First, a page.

Importance  Women with an early nonviable pregnancy of unknown location are at high risk of ectopic pregnancy and its inherent morbidity and mortality. Successful and timely resolution of the gestation, while minimizing unscheduled interventions, are important priorities.

Objective  To determine if active management is more effective in achieving pregnancy resolution than expectant management and whether the use of empirical methotrexate is noninferior to uterine evacuation followed by methotrexate if needed.

Design, Setting, and Participants  This multicenter randomized clinical trial recruited 255 hemodynamically stable women with a diagnosed persisting pregnancy of unknown location between July 25, 2014, and June 4, 2019, in 12 medical centers in the United States (final follow up, August 19, 2019).

Interventions  Eligible patients were randomized in a 1:1:1 ratio to expectant management (n = 86), active management with uterine evacuation followed by methotrexate if needed (n = 87), or active management with empirical methotrexate using a 2-dose protocol (n = 82).

Main Outcomes and Measures  The primary outcome was successful resolution of the pregnancy without change from initial strategy. The primary hypothesis tested for superiority of the active groups combined vs expectant management, and a secondary hypothesis tested for noninferiority of empirical methotrexate compared with uterine evacuation with methotrexate as needed using a noninferiority margin of −12%.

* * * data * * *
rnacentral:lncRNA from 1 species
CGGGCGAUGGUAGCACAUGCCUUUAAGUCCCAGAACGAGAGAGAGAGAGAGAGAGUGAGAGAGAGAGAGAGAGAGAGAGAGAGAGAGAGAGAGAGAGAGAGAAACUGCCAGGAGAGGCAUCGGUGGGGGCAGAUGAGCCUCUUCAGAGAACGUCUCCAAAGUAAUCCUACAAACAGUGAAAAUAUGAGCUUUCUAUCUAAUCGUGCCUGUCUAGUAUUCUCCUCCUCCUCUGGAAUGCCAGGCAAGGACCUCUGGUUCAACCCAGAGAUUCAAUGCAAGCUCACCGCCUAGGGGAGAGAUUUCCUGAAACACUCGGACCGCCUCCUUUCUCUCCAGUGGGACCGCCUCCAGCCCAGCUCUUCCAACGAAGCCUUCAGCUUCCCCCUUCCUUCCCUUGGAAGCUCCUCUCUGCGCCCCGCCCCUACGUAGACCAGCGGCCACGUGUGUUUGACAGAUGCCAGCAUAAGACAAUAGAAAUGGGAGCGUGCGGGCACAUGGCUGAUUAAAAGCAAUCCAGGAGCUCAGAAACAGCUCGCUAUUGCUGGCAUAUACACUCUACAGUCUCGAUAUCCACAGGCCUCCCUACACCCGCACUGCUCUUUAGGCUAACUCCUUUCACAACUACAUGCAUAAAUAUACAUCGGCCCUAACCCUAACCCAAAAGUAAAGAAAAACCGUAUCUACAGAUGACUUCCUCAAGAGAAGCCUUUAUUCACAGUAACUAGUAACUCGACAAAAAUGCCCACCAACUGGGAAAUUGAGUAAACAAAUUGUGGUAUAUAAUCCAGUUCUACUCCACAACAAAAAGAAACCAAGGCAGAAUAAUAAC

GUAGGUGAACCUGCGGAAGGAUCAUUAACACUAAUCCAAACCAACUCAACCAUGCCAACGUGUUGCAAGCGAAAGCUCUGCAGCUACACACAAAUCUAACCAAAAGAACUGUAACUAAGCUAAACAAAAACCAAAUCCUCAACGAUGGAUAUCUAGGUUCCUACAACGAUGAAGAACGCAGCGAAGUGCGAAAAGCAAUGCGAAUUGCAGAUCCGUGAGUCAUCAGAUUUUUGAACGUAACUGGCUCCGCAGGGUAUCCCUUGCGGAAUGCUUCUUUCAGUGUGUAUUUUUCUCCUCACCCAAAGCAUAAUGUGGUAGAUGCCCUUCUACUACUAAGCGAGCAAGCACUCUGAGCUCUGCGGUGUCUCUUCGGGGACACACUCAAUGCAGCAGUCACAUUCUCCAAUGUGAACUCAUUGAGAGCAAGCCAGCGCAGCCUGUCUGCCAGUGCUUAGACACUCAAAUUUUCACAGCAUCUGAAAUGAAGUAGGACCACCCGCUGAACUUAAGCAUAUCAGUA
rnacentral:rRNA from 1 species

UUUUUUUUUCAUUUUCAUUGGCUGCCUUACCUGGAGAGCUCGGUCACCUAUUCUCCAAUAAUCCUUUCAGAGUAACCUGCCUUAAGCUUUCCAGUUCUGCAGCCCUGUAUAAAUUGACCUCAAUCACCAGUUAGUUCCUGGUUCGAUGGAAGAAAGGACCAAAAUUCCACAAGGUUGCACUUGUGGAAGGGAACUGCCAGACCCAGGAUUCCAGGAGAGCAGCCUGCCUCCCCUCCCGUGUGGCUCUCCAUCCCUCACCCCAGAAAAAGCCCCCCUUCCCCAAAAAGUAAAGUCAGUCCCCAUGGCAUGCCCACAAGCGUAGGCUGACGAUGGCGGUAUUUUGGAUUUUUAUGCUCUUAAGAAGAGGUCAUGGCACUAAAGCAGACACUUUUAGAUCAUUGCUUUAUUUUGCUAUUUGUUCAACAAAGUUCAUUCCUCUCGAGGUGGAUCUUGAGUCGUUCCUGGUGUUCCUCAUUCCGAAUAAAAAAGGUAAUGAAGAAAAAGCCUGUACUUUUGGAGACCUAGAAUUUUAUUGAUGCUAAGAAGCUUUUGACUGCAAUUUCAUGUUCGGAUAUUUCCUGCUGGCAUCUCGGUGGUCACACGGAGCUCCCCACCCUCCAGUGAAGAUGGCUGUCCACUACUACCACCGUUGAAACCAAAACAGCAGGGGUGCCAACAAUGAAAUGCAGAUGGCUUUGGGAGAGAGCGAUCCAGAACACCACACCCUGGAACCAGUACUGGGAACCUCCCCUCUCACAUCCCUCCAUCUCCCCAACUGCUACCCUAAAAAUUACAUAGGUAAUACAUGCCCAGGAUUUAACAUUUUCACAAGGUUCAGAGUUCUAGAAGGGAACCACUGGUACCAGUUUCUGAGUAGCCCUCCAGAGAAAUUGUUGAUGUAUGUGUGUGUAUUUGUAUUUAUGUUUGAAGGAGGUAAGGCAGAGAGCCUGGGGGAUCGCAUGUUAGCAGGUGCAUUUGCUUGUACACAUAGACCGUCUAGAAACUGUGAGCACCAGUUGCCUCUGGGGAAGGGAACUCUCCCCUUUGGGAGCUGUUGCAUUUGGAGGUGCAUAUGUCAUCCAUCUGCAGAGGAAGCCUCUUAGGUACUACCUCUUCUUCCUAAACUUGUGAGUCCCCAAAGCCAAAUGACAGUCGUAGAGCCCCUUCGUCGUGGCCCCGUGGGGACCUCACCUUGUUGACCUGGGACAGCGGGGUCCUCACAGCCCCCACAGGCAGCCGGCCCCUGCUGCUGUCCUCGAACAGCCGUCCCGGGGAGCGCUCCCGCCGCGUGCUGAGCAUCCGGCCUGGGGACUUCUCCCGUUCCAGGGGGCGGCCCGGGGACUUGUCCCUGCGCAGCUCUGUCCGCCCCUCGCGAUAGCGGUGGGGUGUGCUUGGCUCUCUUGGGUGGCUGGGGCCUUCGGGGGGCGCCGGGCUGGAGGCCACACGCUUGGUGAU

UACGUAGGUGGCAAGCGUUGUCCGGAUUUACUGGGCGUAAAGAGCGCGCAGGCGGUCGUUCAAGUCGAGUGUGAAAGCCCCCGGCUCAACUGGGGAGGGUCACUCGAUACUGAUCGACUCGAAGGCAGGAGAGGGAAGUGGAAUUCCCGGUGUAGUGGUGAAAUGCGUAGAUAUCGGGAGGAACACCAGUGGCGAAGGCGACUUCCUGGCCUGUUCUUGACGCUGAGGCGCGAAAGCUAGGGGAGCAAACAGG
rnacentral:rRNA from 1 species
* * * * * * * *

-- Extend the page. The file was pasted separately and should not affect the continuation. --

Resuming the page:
Results  Among 255 patients who were randomized (median age, 31 years; interquartile range, 27-36 years), 253 (99.2%) completed the trial. Ninety-nine patients (39%) declined their randomized allocation (26.7% declined expectant management, 48.3% declined uterine evacuation, and 41.5% declined empirical methotrexate) and crossed over to a different group. Compared with patients randomized to receive expectant management (n = 86), women randomized to receive active management (n = 169) were significantly more likely to experience successful pregnancy resolution without change in their initial management strategy (51.5% vs 36.0%; difference, 15.4% [95% CI, 2.8% to 28.1%]; rate ratio, 1.43 [95% CI, 1.04 to 1.96]). Among active management strategies, empirical methotrexate was noninferior to uterine evacuation followed by methotrexate if needed with regard to successful pregnancy resolution without change in management strategy (54.9% vs 48.3%; difference, 6.6% [1-sided 97.5% CI, −8.4% to ∞]). The most common adverse event was vaginal bleeding for all of the 3 management groups (44.2%-52.9%).

Conclusions and Relevance  Among patients with a persisting pregnancy of unknown location, patients randomized to receive active management, compared with those randomized to receive expectant management, more frequently achieved successful pregnancy resolution without change from the initial management strategy. The substantial crossover between groups should be considered when interpreting the results.

Trial Registration  ClinicalTrials.gov Identifier: NCT02152696